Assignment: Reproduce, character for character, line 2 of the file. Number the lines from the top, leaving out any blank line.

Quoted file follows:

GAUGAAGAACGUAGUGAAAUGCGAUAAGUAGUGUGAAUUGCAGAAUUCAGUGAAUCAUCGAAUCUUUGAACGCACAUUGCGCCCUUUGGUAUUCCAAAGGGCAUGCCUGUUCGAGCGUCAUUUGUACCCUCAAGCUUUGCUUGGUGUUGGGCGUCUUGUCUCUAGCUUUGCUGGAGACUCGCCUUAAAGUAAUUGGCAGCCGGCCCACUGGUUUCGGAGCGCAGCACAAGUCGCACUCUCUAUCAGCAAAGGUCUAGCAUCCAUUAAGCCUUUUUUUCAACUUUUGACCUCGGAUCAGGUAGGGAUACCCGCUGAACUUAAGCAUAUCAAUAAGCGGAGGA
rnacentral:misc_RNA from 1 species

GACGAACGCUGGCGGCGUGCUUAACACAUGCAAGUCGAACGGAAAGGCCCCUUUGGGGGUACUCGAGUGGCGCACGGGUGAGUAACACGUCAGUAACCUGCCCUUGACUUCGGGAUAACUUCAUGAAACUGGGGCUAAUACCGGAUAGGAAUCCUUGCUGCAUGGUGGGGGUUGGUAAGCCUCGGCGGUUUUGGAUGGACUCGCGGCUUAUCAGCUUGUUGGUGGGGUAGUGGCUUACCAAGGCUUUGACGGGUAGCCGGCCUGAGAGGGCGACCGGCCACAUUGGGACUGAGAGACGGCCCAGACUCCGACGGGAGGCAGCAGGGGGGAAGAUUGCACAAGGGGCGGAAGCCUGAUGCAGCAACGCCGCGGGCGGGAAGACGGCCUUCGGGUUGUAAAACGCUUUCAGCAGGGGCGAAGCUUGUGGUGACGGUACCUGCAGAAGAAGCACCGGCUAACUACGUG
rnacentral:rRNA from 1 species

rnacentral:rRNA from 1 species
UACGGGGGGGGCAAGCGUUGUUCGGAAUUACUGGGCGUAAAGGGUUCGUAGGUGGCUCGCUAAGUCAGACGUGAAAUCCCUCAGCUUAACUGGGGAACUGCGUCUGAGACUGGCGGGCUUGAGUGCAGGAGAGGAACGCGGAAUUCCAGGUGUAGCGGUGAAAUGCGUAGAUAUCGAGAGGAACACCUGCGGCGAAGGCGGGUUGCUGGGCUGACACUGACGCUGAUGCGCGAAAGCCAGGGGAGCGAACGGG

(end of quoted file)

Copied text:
rnacentral:misc_RNA from 1 species